Have a principle, not a process “we need to be more secure than that dating site”, “users need to be able to manage their privacy settings easily”. Every process you bake into the code will support the principles, if you have the right conversations. But how does it deal with the outliers, the user with 1 name, the one organisation with 1 million staff, the one day the stock market price changes by 60% rather than 0.6%?

For Software to be repeatable and reliable, we have to remove flexibility. How do you delegate to humans?

I’ll come back to that in a later post.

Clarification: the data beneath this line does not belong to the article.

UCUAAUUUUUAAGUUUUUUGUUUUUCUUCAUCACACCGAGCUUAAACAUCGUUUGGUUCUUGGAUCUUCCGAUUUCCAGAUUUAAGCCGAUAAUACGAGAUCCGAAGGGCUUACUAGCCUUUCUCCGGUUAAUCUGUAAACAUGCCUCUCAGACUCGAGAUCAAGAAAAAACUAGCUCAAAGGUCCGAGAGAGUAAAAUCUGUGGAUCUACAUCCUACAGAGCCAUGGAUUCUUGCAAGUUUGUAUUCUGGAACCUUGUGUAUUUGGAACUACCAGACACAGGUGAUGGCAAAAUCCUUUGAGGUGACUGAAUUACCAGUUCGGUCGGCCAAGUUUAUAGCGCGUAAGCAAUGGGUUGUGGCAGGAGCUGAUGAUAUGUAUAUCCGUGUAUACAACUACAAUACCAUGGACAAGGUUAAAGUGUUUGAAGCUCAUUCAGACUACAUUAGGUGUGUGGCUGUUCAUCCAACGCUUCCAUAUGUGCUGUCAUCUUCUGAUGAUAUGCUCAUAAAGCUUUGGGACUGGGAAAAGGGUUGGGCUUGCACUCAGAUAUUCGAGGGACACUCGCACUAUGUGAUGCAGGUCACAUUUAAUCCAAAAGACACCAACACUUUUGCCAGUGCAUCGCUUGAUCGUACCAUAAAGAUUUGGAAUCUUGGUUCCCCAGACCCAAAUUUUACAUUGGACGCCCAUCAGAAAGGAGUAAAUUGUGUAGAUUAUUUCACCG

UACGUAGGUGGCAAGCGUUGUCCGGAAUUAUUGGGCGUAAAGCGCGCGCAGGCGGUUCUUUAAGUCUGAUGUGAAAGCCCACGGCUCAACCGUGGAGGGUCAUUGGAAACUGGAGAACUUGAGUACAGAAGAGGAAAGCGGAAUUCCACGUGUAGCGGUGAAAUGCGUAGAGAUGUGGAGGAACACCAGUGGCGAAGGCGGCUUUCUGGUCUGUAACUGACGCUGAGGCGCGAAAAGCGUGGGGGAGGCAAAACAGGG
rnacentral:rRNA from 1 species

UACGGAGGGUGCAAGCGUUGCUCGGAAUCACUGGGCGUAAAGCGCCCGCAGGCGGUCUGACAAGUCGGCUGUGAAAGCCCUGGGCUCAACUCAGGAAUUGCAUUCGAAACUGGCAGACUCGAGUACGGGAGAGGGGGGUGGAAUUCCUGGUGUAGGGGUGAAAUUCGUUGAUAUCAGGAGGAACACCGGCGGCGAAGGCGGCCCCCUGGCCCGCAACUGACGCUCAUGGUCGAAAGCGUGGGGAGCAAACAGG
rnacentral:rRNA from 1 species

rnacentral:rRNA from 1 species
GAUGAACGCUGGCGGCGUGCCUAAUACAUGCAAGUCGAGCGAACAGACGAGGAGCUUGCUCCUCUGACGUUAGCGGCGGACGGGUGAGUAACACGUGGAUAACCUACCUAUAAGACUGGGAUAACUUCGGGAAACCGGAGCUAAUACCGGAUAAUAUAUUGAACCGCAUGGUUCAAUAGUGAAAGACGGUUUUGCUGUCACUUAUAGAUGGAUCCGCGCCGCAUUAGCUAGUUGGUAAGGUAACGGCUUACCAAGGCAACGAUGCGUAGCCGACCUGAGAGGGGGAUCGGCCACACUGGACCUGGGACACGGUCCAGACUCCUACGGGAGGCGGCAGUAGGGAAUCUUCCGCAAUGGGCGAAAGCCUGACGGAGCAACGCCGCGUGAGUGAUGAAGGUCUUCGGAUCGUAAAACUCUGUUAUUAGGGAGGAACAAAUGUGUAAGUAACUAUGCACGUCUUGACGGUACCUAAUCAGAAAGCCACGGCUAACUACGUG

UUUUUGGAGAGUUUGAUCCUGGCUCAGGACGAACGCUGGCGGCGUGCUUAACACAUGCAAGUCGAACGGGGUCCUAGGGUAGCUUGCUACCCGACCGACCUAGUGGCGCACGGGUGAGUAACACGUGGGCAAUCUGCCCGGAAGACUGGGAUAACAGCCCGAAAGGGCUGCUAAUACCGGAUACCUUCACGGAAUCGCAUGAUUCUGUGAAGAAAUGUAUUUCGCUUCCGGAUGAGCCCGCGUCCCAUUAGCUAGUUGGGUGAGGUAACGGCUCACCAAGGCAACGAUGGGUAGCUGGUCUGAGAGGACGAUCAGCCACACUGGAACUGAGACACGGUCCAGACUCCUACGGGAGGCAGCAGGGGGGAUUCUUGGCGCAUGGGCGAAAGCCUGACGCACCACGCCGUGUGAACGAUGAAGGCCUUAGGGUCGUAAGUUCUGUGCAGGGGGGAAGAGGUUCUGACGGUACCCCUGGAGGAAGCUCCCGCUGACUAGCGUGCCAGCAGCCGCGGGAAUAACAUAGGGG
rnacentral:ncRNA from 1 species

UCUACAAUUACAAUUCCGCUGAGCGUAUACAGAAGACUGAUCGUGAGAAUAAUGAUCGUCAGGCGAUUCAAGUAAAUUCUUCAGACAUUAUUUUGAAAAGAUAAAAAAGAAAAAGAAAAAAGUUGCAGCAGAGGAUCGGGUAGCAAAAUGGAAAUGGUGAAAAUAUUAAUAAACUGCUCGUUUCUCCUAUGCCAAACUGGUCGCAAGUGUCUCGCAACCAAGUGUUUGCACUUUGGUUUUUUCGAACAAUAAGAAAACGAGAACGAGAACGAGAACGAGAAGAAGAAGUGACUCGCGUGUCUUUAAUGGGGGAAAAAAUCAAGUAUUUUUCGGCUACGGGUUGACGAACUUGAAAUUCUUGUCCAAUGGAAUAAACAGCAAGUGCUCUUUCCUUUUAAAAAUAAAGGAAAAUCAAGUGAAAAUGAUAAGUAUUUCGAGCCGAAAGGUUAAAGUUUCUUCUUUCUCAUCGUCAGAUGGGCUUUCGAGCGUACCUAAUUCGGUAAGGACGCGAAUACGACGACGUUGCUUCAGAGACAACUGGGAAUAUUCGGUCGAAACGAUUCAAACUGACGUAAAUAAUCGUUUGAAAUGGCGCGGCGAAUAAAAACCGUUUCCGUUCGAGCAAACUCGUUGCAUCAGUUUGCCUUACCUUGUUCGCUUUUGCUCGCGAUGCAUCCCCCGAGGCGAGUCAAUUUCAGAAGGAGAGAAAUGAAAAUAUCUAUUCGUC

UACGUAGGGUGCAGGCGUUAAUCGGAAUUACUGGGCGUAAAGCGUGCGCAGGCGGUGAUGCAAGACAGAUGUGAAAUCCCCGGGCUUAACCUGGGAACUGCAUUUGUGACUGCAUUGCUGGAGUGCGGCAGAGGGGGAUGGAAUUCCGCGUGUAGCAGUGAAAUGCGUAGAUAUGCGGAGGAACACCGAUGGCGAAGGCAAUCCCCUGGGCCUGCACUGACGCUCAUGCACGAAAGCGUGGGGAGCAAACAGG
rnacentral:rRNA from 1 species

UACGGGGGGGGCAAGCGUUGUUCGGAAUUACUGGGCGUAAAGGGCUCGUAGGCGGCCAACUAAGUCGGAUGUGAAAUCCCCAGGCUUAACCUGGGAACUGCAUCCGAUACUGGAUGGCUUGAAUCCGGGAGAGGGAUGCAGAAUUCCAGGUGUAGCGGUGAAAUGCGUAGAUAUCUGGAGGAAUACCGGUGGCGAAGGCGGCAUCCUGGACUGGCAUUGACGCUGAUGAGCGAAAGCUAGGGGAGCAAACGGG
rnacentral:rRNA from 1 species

security ux wtf

DRM and plastic knifes

I tried to do something I wasn't allowed to do but they refused to tell me what I'm not allowed to do.

I thought Digital Rights Management was dying when iTunes no longer required it. I was wrong. It’s sneaking into HTML, it’s in coffee machines, it’s being discussed for JPEG, it’s led to the introduction of boot lockers to prevent users from modifying the operating system on their machine.

So what? Surely copyright holders have the right to protect their content, no matter that the entire music industry could be bought out with Google or Apple’s spare change. Surely they need the money to support the poor struggling up and coming artists, who they can’t afford to pay from streaming revenues. Surely we should just let Hollywood have their way?

And anyway, doesn’t restricting operating systems and the software we can install protect us from the bad guys? Apple will keep us safe in their protected iOS and App Store, right?